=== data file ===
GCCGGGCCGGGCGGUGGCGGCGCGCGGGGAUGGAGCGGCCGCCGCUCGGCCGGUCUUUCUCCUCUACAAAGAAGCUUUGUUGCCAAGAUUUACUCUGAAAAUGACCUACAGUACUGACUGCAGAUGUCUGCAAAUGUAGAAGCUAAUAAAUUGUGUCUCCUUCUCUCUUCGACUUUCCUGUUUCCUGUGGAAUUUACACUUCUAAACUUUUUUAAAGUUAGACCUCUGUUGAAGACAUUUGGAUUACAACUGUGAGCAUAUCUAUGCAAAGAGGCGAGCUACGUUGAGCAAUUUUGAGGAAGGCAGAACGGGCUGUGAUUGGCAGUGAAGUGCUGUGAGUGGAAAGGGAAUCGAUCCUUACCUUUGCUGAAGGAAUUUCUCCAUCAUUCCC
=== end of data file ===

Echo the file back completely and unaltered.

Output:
GCCGGGCCGGGCGGUGGCGGCGCGCGGGGAUGGAGCGGCCGCCGCUCGGCCGGUCUUUCUCCUCUACAAAGAAGCUUUGUUGCCAAGAUUUACUCUGAAAAUGACCUACAGUACUGACUGCAGAUGUCUGCAAAUGUAGAAGCUAAUAAAUUGUGUCUCCUUCUCUCUUCGACUUUCCUGUUUCCUGUGGAAUUUACACUUCUAAACUUUUUUAAAGUUAGACCUCUGUUGAAGACAUUUGGAUUACAACUGUGAGCAUAUCUAUGCAAAGAGGCGAGCUACGUUGAGCAAUUUUGAGGAAGGCAGAACGGGCUGUGAUUGGCAGUGAAGUGCUGUGAGUGGAAAGGGAAUCGAUCCUUACCUUUGCUGAAGGAAUUUCUCCAUCAUUCCC